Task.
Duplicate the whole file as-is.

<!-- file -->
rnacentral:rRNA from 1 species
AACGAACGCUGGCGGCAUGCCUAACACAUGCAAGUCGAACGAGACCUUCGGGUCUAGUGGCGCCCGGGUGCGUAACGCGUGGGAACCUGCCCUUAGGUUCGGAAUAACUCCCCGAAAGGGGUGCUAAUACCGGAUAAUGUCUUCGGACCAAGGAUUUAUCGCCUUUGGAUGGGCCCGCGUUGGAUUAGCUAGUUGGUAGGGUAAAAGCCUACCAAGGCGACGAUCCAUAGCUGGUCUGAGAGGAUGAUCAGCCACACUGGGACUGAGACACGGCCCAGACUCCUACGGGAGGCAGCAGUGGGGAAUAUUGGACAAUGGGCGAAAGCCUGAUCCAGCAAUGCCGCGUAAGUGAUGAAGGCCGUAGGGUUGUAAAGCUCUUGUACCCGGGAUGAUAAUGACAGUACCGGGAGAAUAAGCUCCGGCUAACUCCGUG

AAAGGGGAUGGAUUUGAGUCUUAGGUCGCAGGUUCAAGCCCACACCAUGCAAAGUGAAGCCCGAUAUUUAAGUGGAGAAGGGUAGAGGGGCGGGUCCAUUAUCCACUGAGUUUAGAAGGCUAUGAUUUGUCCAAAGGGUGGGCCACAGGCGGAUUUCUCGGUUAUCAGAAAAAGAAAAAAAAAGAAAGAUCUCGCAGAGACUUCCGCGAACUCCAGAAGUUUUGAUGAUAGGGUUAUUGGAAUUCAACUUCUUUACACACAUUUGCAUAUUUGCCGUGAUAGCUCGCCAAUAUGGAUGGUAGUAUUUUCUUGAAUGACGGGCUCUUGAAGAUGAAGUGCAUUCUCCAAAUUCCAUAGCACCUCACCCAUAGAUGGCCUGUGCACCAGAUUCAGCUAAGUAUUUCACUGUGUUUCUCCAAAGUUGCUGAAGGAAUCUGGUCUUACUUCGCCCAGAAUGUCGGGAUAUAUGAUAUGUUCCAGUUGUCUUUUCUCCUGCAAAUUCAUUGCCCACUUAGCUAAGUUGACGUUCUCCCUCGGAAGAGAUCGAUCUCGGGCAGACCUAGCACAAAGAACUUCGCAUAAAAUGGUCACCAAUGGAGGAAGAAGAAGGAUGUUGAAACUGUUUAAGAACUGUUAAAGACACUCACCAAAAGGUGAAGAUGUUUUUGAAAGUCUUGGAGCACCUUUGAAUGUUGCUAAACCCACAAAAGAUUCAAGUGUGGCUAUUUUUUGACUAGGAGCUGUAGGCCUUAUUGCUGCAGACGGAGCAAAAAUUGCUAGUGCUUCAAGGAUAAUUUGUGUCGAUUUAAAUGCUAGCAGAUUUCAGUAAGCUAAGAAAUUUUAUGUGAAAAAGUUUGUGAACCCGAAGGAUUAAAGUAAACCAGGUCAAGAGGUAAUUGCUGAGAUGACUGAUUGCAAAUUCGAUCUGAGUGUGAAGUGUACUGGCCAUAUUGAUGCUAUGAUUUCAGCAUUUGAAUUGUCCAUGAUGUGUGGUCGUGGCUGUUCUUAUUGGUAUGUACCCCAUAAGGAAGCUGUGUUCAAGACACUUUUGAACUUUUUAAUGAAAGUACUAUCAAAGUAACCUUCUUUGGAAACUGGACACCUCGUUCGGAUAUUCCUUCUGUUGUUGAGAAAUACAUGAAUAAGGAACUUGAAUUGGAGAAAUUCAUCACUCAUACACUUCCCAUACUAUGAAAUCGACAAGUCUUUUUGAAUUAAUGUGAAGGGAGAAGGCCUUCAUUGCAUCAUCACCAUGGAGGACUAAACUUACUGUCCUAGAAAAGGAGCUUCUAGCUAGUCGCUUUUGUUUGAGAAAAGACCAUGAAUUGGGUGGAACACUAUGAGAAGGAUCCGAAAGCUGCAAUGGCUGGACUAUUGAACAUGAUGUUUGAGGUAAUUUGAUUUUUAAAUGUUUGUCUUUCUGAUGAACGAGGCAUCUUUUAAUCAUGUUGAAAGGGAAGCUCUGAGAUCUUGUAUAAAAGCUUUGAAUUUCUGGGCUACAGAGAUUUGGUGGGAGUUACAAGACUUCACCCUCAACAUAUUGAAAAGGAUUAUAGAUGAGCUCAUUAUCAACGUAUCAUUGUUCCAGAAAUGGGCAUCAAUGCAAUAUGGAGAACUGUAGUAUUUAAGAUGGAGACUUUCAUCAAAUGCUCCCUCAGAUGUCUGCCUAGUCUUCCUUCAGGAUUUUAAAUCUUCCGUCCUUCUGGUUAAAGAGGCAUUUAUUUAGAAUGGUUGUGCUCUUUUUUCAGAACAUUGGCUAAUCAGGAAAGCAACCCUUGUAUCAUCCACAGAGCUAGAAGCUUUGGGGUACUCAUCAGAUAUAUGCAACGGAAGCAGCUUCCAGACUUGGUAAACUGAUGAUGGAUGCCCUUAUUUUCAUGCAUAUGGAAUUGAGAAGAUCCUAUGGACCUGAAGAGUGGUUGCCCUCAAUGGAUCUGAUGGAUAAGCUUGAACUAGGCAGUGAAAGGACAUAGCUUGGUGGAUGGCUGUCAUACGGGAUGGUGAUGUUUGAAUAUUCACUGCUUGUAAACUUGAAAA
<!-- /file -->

rnacentral:rRNA from 1 species
AACGAACGCUGGCGGCAUGCCUAACACAUGCAAGUCGAACGAGACCUUCGGGUCUAGUGGCGCCCGGGUGCGUAACGCGUGGGAACCUGCCCUUAGGUUCGGAAUAACUCCCCGAAAGGGGUGCUAAUACCGGAUAAUGUCUUCGGACCAAGGAUUUAUCGCCUUUGGAUGGGCCCGCGUUGGAUUAGCUAGUUGGUAGGGUAAAAGCCUACCAAGGCGACGAUCCAUAGCUGGUCUGAGAGGAUGAUCAGCCACACUGGGACUGAGACACGGCCCAGACUCCUACGGGAGGCAGCAGUGGGGAAUAUUGGACAAUGGGCGAAAGCCUGAUCCAGCAAUGCCGCGUAAGUGAUGAAGGCCGUAGGGUUGUAAAGCUCUUGUACCCGGGAUGAUAAUGACAGUACCGGGAGAAUAAGCUCCGGCUAACUCCGUG

AAAGGGGAUGGAUUUGAGUCUUAGGUCGCAGGUUCAAGCCCACACCAUGCAAAGUGAAGCCCGAUAUUUAAGUGGAGAAGGGUAGAGGGGCGGGUCCAUUAUCCACUGAGUUUAGAAGGCUAUGAUUUGUCCAAAGGGUGGGCCACAGGCGGAUUUCUCGGUUAUCAGAAAAAGAAAAAAAAAGAAAGAUCUCGCAGAGACUUCCGCGAACUCCAGAAGUUUUGAUGAUAGGGUUAUUGGAAUUCAACUUCUUUACACACAUUUGCAUAUUUGCCGUGAUAGCUCGCCAAUAUGGAUGGUAGUAUUUUCUUGAAUGACGGGCUCUUGAAGAUGAAGUGCAUUCUCCAAAUUCCAUAGCACCUCACCCAUAGAUGGCCUGUGCACCAGAUUCAGCUAAGUAUUUCACUGUGUUUCUCCAAAGUUGCUGAAGGAAUCUGGUCUUACUUCGCCCAGAAUGUCGGGAUAUAUGAUAUGUUCCAGUUGUCUUUUCUCCUGCAAAUUCAUUGCCCACUUAGCUAAGUUGACGUUCUCCCUCGGAAGAGAUCGAUCUCGGGCAGACCUAGCACAAAGAACUUCGCAUAAAAUGGUCACCAAUGGAGGAAGAAGAAGGAUGUUGAAACUGUUUAAGAACUGUUAAAGACACUCACCAAAAGGUGAAGAUGUUUUUGAAAGUCUUGGAGCACCUUUGAAUGUUGCUAAACCCACAAAAGAUUCAAGUGUGGCUAUUUUUUGACUAGGAGCUGUAGGCCUUAUUGCUGCAGACGGAGCAAAAAUUGCUAGUGCUUCAAGGAUAAUUUGUGUCGAUUUAAAUGCUAGCAGAUUUCAGUAAGCUAAGAAAUUUUAUGUGAAAAAGUUUGUGAACCCGAAGGAUUAAAGUAAACCAGGUCAAGAGGUAAUUGCUGAGAUGACUGAUUGCAAAUUCGAUCUGAGUGUGAAGUGUACUGGCCAUAUUGAUGCUAUGAUUUCAGCAUUUGAAUUGUCCAUGAUGUGUGGUCGUGGCUGUUCUUAUUGGUAUGUACCCCAUAAGGAAGCUGUGUUCAAGACACUUUUGAACUUUUUAAUGAAAGUACUAUCAAAGUAACCUUCUUUGGAAACUGGACACCUCGUUCGGAUAUUCCUUCUGUUGUUGAGAAAUACAUGAAUAAGGAACUUGAAUUGGAGAAAUUCAUCACUCAUACACUUCCCAUACUAUGAAAUCGACAAGUCUUUUUGAAUUAAUGUGAAGGGAGAAGGCCUUCAUUGCAUCAUCACCAUGGAGGACUAAACUUACUGUCCUAGAAAAGGAGCUUCUAGCUAGUCGCUUUUGUUUGAGAAAAGACCAUGAAUUGGGUGGAACACUAUGAGAAGGAUCCGAAAGCUGCAAUGGCUGGACUAUUGAACAUGAUGUUUGAGGUAAUUUGAUUUUUAAAUGUUUGUCUUUCUGAUGAACGAGGCAUCUUUUAAUCAUGUUGAAAGGGAAGCUCUGAGAUCUUGUAUAAAAGCUUUGAAUUUCUGGGCUACAGAGAUUUGGUGGGAGUUACAAGACUUCACCCUCAACAUAUUGAAAAGGAUUAUAGAUGAGCUCAUUAUCAACGUAUCAUUGUUCCAGAAAUGGGCAUCAAUGCAAUAUGGAGAACUGUAGUAUUUAAGAUGGAGACUUUCAUCAAAUGCUCCCUCAGAUGUCUGCCUAGUCUUCCUUCAGGAUUUUAAAUCUUCCGUCCUUCUGGUUAAAGAGGCAUUUAUUUAGAAUGGUUGUGCUCUUUUUUCAGAACAUUGGCUAAUCAGGAAAGCAACCCUUGUAUCAUCCACAGAGCUAGAAGCUUUGGGGUACUCAUCAGAUAUAUGCAACGGAAGCAGCUUCCAGACUUGGUAAACUGAUGAUGGAUGCCCUUAUUUUCAUGCAUAUGGAAUUGAGAAGAUCCUAUGGACCUGAAGAGUGGUUGCCCUCAAUGGAUCUGAUGGAUAAGCUUGAACUAGGCAGUGAAAGGACAUAGCUUGGUGGAUGGCUGUCAUACGGGAUGGUGAUGUUUGAAUAUUCACUGCUUGUAAACUUGAAAA